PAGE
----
Impact of age on atrial fibrillation recurrence following surgical ablation

Robert M. MacGregor, Ali J. Khiabani, Nadia H. Bakir, Joshua L. Manghelli, Laurie A. Sinn, Daniel I. Carter, Hersh S. Maniar, Marc R. Moon, Richard B. Schuessler, Spencer J. Melby, Ralph J. Damiano

Research output: Contribution to journalArticlepeer-review

3 Scopus citations

Abstract

Objectives: The incidence of atrial fibrillation (AF) in patients older than 75 years of age is expected to increase, and its treatment remains challenging. This study evaluated the impact of age on the outcomes of surgical ablation of AF. Methods: A retrospective review was performed of patients who underwent the Cox-maze IV procedure at a single institution between 2005 and 2017. The patients were divided into a younger (age <75 years, n = 548) and an elderly cohort (age ≥75 years, n = 148). Rhythm outcomes were assessed at 1 year and annually thereafter. Predictors of first atrial tachyarrhythmia (ATA) recurrence were determined using Fine–Gray regression, allowing for death as the competing risk. Results: The mean age of the elderly group was 78.5 ± 2.8 years. The majority of patients (423/696, 61%) had nonparoxysmal AF. The elderly patients had a lower body mass index (P < .001) and greater rates of hypertension (P = .011), previous myocardial infarction (P = .017), heart failure (P < .001), and preoperative pacemaker (P = .008). Postoperatively, the elderly group had a greater rate of overall major complications (23% vs 14%, P = .017) and 30-day mortality (6% vs 2%, P = .026). The percent freedom from ATAs and antiarrhythmic drugs was lower in the elderly patients at 3 (69% vs 82%, P = .030) and 4 years (65% vs 79%, P = .043). By competing risk analysis, the incidence of first ATA recurrence was greater in elderly patients (33% vs 20% at 5 years; Gray test, P = .005). On Fine–Gray regression adjusted for clinically relevant covariates, increasing age was identified as a predictor of ATAs recurrence (subdistribution hazard ratio, 1.03; 95% confidence interval, 1.02-1.05, P < .001). Conclusions: The efficacy of the Cox-maze IV procedure was worse in elderly patients; however, the majority of patients remained free of ATAs at 5 years. The lower success rate in these greater-risk patients should be considered when deciding to perform surgical ablation.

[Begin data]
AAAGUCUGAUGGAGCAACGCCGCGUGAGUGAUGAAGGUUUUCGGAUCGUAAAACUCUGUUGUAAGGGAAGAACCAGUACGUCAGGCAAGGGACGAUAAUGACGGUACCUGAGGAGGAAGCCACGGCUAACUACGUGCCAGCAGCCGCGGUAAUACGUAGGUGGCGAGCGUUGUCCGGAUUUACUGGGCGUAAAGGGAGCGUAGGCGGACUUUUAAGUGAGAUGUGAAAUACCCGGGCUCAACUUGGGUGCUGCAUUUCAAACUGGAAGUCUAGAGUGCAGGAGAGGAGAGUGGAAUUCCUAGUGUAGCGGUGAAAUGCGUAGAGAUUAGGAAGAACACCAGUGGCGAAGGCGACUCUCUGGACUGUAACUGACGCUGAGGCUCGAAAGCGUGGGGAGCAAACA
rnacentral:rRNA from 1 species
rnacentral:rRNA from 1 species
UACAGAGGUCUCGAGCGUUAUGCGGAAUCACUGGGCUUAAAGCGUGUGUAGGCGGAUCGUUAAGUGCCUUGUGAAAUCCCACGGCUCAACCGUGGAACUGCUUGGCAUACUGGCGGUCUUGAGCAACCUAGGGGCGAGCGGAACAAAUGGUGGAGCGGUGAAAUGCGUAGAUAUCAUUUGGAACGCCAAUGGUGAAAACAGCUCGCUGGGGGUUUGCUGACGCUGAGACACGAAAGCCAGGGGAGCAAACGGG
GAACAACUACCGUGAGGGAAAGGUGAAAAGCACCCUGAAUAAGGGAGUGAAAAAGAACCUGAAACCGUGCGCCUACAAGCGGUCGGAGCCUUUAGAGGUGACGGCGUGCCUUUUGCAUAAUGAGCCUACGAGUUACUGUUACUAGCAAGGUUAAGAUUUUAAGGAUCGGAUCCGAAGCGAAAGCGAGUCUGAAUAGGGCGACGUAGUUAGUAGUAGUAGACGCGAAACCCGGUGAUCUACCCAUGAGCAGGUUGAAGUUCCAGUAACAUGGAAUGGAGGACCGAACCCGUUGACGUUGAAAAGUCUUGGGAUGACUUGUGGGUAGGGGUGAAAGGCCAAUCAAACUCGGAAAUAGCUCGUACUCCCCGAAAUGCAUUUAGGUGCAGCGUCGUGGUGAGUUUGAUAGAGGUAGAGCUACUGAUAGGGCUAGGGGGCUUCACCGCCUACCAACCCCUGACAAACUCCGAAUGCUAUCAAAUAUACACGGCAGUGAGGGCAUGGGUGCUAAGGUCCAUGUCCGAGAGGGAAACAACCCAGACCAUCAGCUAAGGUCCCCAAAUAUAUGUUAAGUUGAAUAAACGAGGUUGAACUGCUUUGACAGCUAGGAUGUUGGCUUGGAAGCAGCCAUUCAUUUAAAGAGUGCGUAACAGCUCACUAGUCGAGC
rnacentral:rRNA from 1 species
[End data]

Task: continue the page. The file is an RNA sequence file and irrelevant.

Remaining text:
Original languageEnglish
JournalJournal of Thoracic and Cardiovascular Surgery
DOIs
StateAccepted/In press - Jan 1 2020

Keywords

  • atrial fibrillation
  • Cox maze procedure
  • elderly
  • long-term outcomes
  • surgical ablation

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